Monday, December 31, 2012

Dream a Little Dream for Me, Mister Z

I have been entertained by some wild and crazy dreams this week.

I blame the generic Z-pack I'm taking for my sinus infection. That's got to be it. I have been taking a pill around 8:00 p.m. They're all gone now, but the package says the antibiotic can keep working for up to ten days. So I figure I've got several more thrill rides from the Sandman in my subconscious future.

We'll only concentrate on the main dream that has stuck with me. Not the one from early this morning in which Hick took me to a casino that was a converted library. Seriously. Everybody had to be quiet, the games had no sound, and I was gambling on a microfiche machine. I did not win.

My standout dream was about my grandma, my dad's mother, who passed away two years ago. In this dream, I went to her house to pick up The Pony, who had spent the night. Grandma was puttering around in her muu-muu, happy as a clam. Her dream house, like her real house, was wall-to-wall books. Floor to ceiling. Every room. My mom had dropped in, and I followed her to the library. How I knew it was the library, with EVERY room being full of books, I don't know. But in my dream world I knew it was the library.

As mom walked by a set of four black-leather-bound hardbacks with no titles showing, a small black leather pouch popped out and onto the floor. Kind of like when a young Corey Feldman accidentally spilled a jar of paintbrush water on Gizmo in Gremlins, and balls of fur began popping out of his back. Gizmo's back. Not Corey's.

"Hey, what's that?" I called to dream Mom.

"How should I know?" she replied brusquely over her shoulder. So totally unlike her. I picked up the item. It had a zipper on one side. I opened it to find a rolled up note, like a tiny scroll with no wooden top and bottom thingies. And do you know what the scroll said? No, it was not like in A Christmas Story when Ralphie decoded the secret message to find out it was all one big commercial: Be sure to drink your Ovaltine.

The very special dream scroll said: Wizards must maintain proper weight.

Ahem. It's okay, Grandma. I realize I'm not svelte. Of course, when I called my mom to relate this dream to her, I made sure to say, "No offense, Mom. But I'm sure the scroll was directed at you. It popped out right after you walked by, you know." Mom did not take offense.

From there, the dream led me back to Grandma, in the kitchen. She pulled a neither new nor old penny from the folds of her muu-muu, and handed it to me. It was bent in the middle, vertically, but not too much. I could tell that this was her prized possession, and that she was never without it. "See it there?" dream Grandma asked. "That's Walter. He buys all our tickets."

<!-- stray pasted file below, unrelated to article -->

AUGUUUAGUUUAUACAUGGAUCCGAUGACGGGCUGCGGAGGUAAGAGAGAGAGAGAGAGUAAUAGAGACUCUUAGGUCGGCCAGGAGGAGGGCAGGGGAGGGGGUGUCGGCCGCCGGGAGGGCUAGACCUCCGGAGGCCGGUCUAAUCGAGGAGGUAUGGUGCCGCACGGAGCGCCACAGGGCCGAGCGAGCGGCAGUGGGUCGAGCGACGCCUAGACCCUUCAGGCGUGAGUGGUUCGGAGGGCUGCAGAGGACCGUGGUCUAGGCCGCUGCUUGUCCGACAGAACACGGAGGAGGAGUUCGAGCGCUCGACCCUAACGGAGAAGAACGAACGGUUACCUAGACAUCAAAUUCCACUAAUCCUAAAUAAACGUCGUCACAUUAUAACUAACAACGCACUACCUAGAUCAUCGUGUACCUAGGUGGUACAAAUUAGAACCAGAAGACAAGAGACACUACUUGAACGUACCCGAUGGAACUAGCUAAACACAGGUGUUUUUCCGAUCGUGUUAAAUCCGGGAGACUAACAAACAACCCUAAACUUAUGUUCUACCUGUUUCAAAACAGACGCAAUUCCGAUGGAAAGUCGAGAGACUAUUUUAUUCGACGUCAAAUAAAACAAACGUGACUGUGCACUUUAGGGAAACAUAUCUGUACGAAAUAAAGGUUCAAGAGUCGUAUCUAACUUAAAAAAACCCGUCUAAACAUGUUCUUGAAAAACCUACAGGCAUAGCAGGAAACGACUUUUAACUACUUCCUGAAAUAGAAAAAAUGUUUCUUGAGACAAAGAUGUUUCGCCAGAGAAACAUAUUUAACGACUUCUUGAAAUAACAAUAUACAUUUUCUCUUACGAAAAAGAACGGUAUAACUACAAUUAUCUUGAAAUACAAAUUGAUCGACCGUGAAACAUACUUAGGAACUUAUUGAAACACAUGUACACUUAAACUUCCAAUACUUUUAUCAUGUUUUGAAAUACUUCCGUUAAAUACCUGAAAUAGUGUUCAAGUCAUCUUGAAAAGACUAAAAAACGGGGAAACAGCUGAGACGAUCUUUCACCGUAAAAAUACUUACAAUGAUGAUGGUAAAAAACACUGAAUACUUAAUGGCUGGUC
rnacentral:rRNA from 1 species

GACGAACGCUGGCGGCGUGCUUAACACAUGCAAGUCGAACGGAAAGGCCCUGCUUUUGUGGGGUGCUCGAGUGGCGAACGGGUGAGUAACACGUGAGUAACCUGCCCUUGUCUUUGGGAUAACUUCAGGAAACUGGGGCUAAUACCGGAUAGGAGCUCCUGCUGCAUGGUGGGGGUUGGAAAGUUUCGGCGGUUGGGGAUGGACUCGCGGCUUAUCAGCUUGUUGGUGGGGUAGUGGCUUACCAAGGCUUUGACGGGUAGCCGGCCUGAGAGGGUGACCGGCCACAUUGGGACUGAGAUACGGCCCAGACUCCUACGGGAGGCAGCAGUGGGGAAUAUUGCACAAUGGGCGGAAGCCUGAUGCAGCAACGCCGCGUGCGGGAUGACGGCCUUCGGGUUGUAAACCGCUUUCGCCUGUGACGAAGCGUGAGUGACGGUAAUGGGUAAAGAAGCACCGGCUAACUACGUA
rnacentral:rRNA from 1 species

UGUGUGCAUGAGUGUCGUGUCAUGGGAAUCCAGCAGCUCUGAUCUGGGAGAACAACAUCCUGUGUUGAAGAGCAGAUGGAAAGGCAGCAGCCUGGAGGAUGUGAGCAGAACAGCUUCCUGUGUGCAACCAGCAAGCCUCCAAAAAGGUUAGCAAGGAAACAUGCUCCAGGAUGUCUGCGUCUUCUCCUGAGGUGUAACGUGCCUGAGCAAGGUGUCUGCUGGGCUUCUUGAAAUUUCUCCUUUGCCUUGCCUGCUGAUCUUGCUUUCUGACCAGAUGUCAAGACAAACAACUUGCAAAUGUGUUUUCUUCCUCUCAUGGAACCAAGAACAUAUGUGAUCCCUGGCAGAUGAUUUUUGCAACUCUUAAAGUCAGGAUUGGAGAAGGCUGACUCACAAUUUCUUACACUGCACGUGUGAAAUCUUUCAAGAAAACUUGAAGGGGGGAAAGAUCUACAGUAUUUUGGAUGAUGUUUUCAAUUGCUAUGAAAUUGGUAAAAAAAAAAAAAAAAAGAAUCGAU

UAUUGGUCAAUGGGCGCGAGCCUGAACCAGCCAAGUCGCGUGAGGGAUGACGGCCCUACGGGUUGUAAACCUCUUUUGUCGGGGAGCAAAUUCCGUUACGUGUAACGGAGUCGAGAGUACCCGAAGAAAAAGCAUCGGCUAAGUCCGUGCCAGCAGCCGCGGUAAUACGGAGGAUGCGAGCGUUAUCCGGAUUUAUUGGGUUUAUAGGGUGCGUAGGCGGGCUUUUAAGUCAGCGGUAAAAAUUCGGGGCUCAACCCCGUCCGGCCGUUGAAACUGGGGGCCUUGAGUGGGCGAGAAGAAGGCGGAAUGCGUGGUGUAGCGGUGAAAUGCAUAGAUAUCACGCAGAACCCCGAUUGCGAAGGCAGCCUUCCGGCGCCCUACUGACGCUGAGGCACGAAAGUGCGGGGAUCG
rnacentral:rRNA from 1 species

It was the profile of a man on the back of the penny where the Lincoln Memorial belonged. And in the upper right corner of that round penny was a set of numbers. They changed like when you tilt one of those faceted things that shows a different picture depending on the angle. I pointed it out to Grandma, who had no idea those numbers changed.

Now I need to find out who Walter is. And what kind of tickets he was buying. My mom says she only knows of one Walter, who was in a rock club with Grandma.

Maybe I don't want to know more.


  1. Look on the bright side! At least you'll save a fortune on movie tickets - who needs big screen fantasy with this sort of thing on offer every night??!!

    Happy New Year!!

  2. It sounds like your grandma walked on the wild side. Perhaps you could write a story, fabricating what that the deal was with Grandma, Walter and the tickets?

  3. I think you might want to trot that Tahoe to town and PLAY the numbers, pick up a large fountain drink and wave at a few recuperating revelers. Happy New Year!

  4. Red,
    Indeed. Free entertainment every night for the cost of a $10 prescription. I was in another dream library this morning, but I can't remember the details. Only going up the steps and pulling open the glass door. I seem to sense a theme...

    Well, rumor has it that she left her first husband after taking a motorcycle ride with a fellow post office worker. Of course, that came from my grandpa, so who knows how much is embellished. Truth. Stranger than fiction.

    The 44 oz. Diet Coke sits at my elbow. No numbers, though. I forgot to take a previous winner to cash in. And the 24-degree streets were surprisingly bare of recuperating revelers.

  5. Walter, huh? My grandfather's name was Walter. His middle name was Ashmede. That's the name of the street he was born on. He was one of 11 children and his parents grew tired of thinking up names, I suppose. I still think I could have done better than the street name.

    Doesn't help much with the meaning of your dream, does it?

  6. Kathy,
    No. But if I dream of a book with the title "Ashmede" tonight, I will know where it came from.

    I think, perhaps, his parents were tired from more than thinking up names.